Disposable vapes are wasting 90 tons of lithium batteries that could otherwise be used in electric vehicles (EVs) and solar panels. These handheld e-cigarettes, priced at around 9 dollars each, contain lithium batteries that are often disposed of after a single use, leading to environmental and resource concerns. The annual discarded lithium from disposable vapes in the United Kingdom alone is enough for 11,000 electric car batteries, impacting the potential for a sustainable energy transition.

Disposable vapes have become increasingly popular, especially among the younger demographic. Despite their convenience and various flavors, these devices pose environmental challenges due to their short lifespan and the valuable resources contained within them, particularly lithium batteries.

The lithium batteries used in disposable vapes are generally rechargeable but lack a charging port, resulting in them being discarded after just one use. This leads to a substantial loss of valuable resources, as each disposable vape contains enough lithium for approximately 11,000 electric car batteries.

Users who consume one disposable e-cigarette daily discard the equivalent of more than an iPhone battery each week. The study indicates that in the United Kingdom alone, two disposable vapes are discarded every second, amounting to the disposal of as many batteries as those used in 1,200 electric cars annually.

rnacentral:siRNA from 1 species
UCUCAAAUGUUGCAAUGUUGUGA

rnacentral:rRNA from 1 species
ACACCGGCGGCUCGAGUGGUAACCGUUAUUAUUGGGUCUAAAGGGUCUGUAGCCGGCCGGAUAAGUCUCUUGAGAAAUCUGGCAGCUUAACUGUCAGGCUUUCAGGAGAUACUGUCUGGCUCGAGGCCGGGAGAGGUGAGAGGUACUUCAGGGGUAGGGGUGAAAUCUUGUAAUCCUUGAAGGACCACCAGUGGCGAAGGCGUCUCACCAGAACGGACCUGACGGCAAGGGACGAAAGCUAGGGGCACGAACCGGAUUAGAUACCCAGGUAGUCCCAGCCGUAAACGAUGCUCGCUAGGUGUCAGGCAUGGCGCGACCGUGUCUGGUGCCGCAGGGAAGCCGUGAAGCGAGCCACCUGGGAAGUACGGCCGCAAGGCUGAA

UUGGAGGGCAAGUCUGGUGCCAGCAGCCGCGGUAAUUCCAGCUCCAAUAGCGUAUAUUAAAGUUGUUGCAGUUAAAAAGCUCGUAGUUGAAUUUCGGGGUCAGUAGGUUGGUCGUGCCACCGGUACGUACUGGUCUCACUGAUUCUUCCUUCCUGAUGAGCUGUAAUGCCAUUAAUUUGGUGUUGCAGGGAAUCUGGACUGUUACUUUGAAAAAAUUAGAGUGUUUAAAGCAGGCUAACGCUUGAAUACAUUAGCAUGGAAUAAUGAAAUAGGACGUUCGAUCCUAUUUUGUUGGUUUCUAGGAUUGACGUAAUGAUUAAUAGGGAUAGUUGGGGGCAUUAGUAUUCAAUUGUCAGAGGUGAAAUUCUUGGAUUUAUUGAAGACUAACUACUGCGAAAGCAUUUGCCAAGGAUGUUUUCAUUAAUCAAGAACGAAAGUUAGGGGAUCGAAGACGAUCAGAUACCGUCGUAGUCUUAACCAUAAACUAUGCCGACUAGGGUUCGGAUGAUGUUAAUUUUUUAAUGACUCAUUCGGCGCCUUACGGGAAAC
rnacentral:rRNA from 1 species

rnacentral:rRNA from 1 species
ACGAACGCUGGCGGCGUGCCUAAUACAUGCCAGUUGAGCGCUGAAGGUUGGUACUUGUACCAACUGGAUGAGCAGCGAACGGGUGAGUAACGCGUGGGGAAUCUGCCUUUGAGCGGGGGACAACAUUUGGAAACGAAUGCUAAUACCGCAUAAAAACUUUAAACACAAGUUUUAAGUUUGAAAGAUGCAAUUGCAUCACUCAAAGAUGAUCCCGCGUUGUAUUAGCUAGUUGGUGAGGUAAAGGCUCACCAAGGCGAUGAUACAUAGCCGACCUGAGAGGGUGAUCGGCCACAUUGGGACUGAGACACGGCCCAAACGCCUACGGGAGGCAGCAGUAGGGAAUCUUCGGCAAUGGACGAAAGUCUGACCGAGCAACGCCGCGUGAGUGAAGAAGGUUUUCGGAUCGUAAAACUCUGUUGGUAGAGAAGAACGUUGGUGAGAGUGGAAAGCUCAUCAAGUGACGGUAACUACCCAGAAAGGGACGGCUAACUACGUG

While manufacturers claim that their products are recyclable, studies show that approximately half of disposable vape users in the UK dispose of their devices in regular waste bins. In the United States, only 15 percent of young people surveyed in 2020 reported proper disposal methods, such as returning devices to a vape shop or an electronic waste collection.

The environmental impact and inadequate disposal rates have prompted calls for a ban on disposable vape devices. Some regions and countries, such as Bayern in Germany and local governments in the United Kingdom, are advocating for such bans. Australia has recently prohibited all e-cigarettes except for those designated for smoking cessation. In Austria, 83 percent of the population supports a ban on disposable e-vapes.

The European Union has taken steps to address the issue through a new battery regulation aimed at prolonging battery lifecycles, reducing CO2 emissions from battery production, and promoting increased recycling. From 2027 onwards, disposable vapes, as currently designed, will not be allowed for sale within the EU.

To prevent the loss of valuable resources in disposable e-cigarettes, efforts are needed to raise awareness about proper disposal methods. Andreas Opelt, Vice President of the Association of Austrian Waste Management Companies, emphasizes the importance of recycling every battery, regardless of its location in products.

As the market for disposable e-cigarettes continues to grow, urgent measures are necessary to address the environmental and resource concerns associated with their usage. Increasing public awareness, implementing proper disposal methods, and regulatory interventions are crucial to mitigate the wastage of lithium batteries and facilitate a sustainable approach towards energy transition.